Not Happy w advisor but not sure of next steps

  • Last Updated:
  • Jul 16th, 2015 5:43 pm
Sep 7, 2010
37 posts

Not Happy w advisor but not sure of next steps

I've been with my financial advisor since I was about 18 and I'm now 36. I started out with RRSP's and Life/Critical Illness Insurance. The insurance is universal, not term.

I've been paying about $35/month for the insurance and over the past several years that has amassed approximately $500 cash surrender value. To me, that's useless and pointless.

I now have kids, and my wife works in healthcare so she sees sick people all the time, many of whom - even though we live in Canada - have a tough go financially when they are sick. Because of this, she sees the value in illness insurance and she's also big on life insurance for our kids. "No one should have to pay $10k in the event their kids die - that's just another worry". She also believes that it's easier to buy now and keep forever as opposed to trying to get it when you're 35 and have some kind of illness.

I'm normally the type of person that researches this stuff until I'm blue in the face but when it comes to insurance and investing I'm not my normal, OCD self.

We now have two kids, RRSP's, RESP's, a TFSA and a small account with some stock (about $5k). The last time we met with our advisor she suggested we buy even more insurance, and this was the last straw for me. At this point, I've almost lost track of what it is I'm doing with this person and to be perfectly honest, I'm tempted to go the route of just setting up self serve accounts on TD Canada Trust's website.

I'm big into convenience and most of these advisors work out of small offices where you can't update payment amounts or provide lump sum payments without driving a cheque into their office.

Don't get me wrong, my RRSP's have done quite well under this person it's just - I have a great pension through work (they toss in $1.25 for every $1.00 they pay me) and I'm pulling back on the RRSP's and leaning more towards TFSA and stock.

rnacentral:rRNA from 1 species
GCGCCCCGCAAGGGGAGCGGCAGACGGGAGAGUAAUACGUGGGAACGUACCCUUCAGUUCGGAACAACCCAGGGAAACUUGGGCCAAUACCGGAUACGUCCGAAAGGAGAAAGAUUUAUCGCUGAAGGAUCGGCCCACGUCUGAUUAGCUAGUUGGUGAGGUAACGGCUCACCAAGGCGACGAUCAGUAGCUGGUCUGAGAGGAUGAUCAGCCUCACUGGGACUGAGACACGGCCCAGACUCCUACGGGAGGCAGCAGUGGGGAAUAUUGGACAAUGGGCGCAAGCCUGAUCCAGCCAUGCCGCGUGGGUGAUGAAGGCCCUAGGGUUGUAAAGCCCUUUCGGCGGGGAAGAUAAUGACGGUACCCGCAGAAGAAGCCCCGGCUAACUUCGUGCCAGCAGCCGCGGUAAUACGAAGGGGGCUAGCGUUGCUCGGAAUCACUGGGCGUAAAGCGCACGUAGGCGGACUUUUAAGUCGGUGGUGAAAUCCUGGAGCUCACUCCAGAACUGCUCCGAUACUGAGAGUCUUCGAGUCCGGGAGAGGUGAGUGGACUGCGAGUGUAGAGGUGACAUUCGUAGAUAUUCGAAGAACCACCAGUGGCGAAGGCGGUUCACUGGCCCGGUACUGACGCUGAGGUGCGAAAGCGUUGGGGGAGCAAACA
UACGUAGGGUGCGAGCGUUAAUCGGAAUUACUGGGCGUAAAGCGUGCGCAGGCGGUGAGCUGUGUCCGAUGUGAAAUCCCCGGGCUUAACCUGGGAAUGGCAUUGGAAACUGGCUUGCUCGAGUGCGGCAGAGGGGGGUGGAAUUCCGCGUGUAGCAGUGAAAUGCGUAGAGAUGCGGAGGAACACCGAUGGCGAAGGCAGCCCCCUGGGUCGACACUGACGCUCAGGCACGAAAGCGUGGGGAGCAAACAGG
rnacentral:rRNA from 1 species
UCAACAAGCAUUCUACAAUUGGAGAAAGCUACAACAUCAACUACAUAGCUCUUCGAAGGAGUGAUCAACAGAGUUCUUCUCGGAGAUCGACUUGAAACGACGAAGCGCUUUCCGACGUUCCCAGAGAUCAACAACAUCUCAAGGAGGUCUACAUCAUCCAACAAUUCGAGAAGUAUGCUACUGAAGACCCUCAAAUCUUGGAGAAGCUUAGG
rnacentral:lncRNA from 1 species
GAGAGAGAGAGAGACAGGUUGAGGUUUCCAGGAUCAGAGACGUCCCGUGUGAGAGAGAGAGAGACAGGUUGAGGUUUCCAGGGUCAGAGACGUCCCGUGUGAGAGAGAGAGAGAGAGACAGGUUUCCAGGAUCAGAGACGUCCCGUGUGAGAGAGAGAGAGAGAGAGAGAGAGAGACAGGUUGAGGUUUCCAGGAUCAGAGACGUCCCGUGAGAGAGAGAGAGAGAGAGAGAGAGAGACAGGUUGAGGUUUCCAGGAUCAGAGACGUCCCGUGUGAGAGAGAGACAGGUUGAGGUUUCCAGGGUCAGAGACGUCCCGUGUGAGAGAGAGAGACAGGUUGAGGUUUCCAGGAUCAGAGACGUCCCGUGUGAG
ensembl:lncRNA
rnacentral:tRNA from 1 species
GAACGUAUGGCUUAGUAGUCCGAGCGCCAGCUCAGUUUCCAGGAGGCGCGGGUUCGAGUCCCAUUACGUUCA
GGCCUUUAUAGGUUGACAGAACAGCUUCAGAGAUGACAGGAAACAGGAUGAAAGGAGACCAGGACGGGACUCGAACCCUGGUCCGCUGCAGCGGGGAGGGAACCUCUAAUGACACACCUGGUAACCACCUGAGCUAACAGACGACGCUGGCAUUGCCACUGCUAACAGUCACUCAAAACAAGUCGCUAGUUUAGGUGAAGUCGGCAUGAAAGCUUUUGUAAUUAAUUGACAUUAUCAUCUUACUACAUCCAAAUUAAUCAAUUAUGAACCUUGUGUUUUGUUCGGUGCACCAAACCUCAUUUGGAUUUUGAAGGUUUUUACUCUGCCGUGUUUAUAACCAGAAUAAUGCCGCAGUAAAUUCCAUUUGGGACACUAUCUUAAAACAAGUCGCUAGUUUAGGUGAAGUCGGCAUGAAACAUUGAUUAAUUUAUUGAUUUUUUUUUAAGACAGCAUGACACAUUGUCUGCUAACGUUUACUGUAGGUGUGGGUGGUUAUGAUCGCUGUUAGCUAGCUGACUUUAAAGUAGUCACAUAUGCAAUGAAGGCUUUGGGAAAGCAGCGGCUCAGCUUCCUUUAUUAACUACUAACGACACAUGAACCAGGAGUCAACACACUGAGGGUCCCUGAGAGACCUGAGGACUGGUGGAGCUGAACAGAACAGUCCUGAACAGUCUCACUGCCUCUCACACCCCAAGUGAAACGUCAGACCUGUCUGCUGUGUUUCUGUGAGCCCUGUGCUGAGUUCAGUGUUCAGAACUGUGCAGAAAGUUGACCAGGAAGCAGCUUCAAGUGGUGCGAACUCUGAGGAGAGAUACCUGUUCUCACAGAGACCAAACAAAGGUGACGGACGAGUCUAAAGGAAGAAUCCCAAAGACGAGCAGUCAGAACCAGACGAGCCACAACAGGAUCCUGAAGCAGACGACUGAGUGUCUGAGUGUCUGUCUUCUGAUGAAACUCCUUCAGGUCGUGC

All this I guess is to say what are the perceived benefits of using and advisor, and what do you look for in a good one? At this point I feel like they all recommend the product that they sell and you rarely get a non-biased opinion that would actually serve you - the client - the best.

It's like walking into a Goodyear tire store and asking the guy what the best tires are. Maybe Michelelin makes the best tires, but he's not going to say that, he's going to try and sell you four Goodyear's.
3 replies
Deal Fanatic
User avatar
May 11, 2014
5784 posts
Rankin Inlet, NU
I would definitely post your insurance questions on the insurance "sticky" post on the personal finance forum. There are very smart and helpful insurance pros there. What I can say though is that if you are considering more insurance to cover any hits, term is cheaper and will pay out more for less premiums. Insurance should really never be seen as an investmemt in most cases.

Personally, I dont use an advisor except to buy a term insurance policy but only out of convenience. However, there can be value in one. They generally recommend a fee-only advisor as their payment will not be based on their sale of products which introduces bias.

On your RRSP front, it is hard to assess as we have little to go on. Im assumIng the funds you have are doing OK in that they are growing. My assumption is that they are somewhat more expensive than many options out there. Index investing usIng strategies such as Canadian Couch Potato will likely beat the returns you are earning. However, you are right in that you are better off maximizing your employer. Consider transferring your RRSP from broker to a self-directed brokerage buying etfs (if you are willing to buy the etfs). If not, TD e-series is another option. If wanting to do self brokerage, start with Questrade, VB, Scotia iTrade or any brokers with free ETF purchasing first.It will be cheaper in the long run when starting out.

If you dont mind, posting the mutual fund names she has invested for you would paint a clearer picture.
Deal Fanatic
User avatar
Jun 11, 2001
9473 posts
Check with both your workplaces, you may get better deals out there and some kind of employee discounts with insurance. We get ours through my GF benefits, and our kids through mine (rate better conversely).

Investment wise... I assume this is just some "off the shelf" "advisor"... do yourself a favour and educate yourself and self driven investments, through index MFs or ETFS... and risk is just allocation between stocks/bonds ratio (and sector allocations). You'll save tons in MER and probably trailer fees and all that junk these "advisors" push.

It'll be worth your while.
Jun 3, 2015
5 posts
Ottawa, ON
I totally can understand your frustration with your advisor. Most of them are paid commission and their interest's always aren't aligned.

I'd recommend checking out Wealthsimple, they're an online investment management platform that has incredibly low fee's and you get access to a real portfolio manager via Skype. Everything is upfront and pretty transparent.